|Nolan’s 2nd Birthday Party|
I sat with Grandpa and held his hand for the last time a year ago yesterday. On my way out of Wausau, I stopped to say goodbye before driving back to La Crosse. It was early and Aunt Patty, Uncle Frank, and Dad were still sleeping.
I didn’t know it at the time, but I had a feeling it would be my last visit with Grandpa Tom. Quietly, I took a seat beside his bed and held his hand. The tears streamed down my face as he struggled with each breath. His dog, Puddles (Grandpa’s ‘hummingbird retriever), sat on the bed at his side. As soon as Grandpa fell ill, that dog would not leave him. Even trying to get her outside or getting her to eat was a challenge.
Silently, I just stared at him. He was so thin and pale, but I could still see him just as he is in the picture above, could hear his gut laugh, and almost expected him to wake up with some wise crack or joke. I tried to remember some of his one-liners to make myself laugh, but I couldn’t come up with any.
Instead, my mind went back to the blue house on Thomas Street. Some of my favorite childhood memories took place in that house. Grandpa and Grandma Judy seemed to spend most of their time in the kitchen. George Brandenburg, Dad, and Grandpa would have coffee at the kitchen table and Shannon and I would go off and play on the sun porch. If our cousins Kathy and Kristy were in town, I would BEG Mom and Dad to take us over to visit. We’d have slumber parties and gather every blanket and pillow we could find and pile up on the floor in the living room.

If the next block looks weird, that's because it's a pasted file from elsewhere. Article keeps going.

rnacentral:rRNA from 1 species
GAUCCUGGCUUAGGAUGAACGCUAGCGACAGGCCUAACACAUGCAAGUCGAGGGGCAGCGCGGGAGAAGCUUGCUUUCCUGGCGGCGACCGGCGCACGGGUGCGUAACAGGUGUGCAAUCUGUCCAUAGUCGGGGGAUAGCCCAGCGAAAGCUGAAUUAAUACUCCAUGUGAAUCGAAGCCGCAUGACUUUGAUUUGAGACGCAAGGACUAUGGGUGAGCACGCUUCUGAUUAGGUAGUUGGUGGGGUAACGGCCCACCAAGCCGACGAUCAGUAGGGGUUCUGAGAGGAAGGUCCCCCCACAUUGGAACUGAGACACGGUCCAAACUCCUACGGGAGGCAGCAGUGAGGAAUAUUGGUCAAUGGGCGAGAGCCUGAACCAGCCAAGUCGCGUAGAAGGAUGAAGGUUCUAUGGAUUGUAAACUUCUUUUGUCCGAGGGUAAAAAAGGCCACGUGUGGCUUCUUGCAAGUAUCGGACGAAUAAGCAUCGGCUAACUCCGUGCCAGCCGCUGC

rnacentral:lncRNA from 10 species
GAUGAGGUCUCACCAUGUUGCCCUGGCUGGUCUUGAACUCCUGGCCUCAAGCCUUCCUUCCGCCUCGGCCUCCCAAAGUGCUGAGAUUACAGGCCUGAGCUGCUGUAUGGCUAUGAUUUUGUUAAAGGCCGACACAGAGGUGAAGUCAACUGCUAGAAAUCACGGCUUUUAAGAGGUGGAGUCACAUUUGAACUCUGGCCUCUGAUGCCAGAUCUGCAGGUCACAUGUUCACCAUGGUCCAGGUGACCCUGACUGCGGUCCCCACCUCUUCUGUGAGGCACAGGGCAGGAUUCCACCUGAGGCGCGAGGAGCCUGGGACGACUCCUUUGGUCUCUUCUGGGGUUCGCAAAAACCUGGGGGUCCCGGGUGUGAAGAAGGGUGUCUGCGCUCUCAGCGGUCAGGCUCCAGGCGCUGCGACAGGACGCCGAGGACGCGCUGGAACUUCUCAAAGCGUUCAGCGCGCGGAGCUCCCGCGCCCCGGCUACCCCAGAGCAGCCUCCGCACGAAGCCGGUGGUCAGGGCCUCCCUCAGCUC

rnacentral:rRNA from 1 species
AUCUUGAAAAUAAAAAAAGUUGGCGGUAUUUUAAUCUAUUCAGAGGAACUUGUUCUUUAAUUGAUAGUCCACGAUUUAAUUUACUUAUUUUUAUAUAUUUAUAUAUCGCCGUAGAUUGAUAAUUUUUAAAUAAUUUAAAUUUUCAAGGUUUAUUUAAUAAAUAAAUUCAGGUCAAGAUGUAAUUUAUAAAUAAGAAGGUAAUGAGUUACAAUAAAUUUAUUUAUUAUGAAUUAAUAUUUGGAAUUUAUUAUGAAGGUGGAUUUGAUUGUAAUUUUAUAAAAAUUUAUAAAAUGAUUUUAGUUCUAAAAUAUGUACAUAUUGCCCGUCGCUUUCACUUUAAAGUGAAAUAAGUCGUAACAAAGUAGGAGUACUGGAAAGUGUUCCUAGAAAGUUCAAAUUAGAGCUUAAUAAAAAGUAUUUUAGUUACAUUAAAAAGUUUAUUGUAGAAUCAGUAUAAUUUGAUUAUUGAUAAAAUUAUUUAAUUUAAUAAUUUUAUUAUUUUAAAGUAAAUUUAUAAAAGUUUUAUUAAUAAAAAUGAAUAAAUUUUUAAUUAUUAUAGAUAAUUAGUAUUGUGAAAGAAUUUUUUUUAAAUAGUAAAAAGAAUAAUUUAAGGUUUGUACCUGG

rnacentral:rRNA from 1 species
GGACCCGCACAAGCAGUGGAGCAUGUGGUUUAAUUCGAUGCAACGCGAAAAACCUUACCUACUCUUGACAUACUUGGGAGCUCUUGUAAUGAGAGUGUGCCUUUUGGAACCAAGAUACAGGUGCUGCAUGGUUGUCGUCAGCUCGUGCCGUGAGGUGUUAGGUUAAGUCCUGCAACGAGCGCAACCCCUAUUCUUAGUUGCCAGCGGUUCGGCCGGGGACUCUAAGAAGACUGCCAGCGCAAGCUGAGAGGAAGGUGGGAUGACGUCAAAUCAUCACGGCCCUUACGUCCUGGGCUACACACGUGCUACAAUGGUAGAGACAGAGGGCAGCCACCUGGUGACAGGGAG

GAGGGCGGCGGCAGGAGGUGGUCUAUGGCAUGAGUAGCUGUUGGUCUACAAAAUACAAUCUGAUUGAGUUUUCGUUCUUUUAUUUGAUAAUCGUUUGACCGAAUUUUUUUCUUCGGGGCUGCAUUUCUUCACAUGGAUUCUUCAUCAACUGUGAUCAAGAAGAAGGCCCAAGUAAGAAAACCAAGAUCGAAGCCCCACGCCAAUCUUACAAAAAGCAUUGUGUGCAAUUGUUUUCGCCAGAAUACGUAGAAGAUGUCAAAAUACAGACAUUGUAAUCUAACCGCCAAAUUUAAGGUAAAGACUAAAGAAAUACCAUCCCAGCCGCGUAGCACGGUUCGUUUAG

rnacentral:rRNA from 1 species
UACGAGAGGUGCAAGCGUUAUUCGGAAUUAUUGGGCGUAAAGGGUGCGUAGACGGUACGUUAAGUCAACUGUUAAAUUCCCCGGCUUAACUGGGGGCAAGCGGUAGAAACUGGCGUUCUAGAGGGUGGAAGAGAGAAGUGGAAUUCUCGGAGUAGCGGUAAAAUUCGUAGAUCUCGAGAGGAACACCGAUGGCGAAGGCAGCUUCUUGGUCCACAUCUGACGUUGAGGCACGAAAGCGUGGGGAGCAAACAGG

Grandpa loved me before I even realized it, but I guess that’s the way it works when you’re little. You receive so much more than you give. I was told that he thought I was the neatest thing because, of all things, my childhood temper tantrums. When Mom and Dad were ready to toss me out the window, Grandpa would laugh and put me on his lap. I could be beat red in the face, bashing my head against a wall, and grunting, but Grandpa would smile.
I had heard stories about Grandpa’s temper but only saw it once in my life. I was horsing around with the dog, Millie, and she snapped at me. He picked the dog up so fast and threw it out the backdoor, while I assumed the “oh man, I just pissed off the dog and Grandpa” position under the dining room table. Grandma crawled under the table with me until I wasn’t embarrassed anymore. Just like my grandpa, I have mellowed with age.
I gave Grandpa a kiss on the cheek and whispered to him, say your prayers. I patted Puddles on the head, took a box of Kleenex, and left to spend three hours driving back to La Crosse. The 167 miles back were quiet and most of the Kleenex ended up on the floor of the passenger side. No music. Just thoughts.
It was a year ago tomorrow night that Dad called me. I was in bed, but I wasn’t sleeping. When he told me Grandpa was gone, I knew he was at peace. He must have decided he didn’t want to spend one more birthday without Grandma.
I’ll be thinking about him tomorrow, as I have been today, yesterday, and throughout this last year. I may have to pull out my Yoopers CD and listen to The Second Week of Deer Camp a few times and stop off at Red Granite to play some pull tabs. I’ll play some Johnny Cash on the jukebox, have a drink, and come up with a long list of things I wish I would have asked him when I had the chance. Grandpa Larry doesn’t know it, yet, but I am sure I’m going to have some questions for him tomorrow.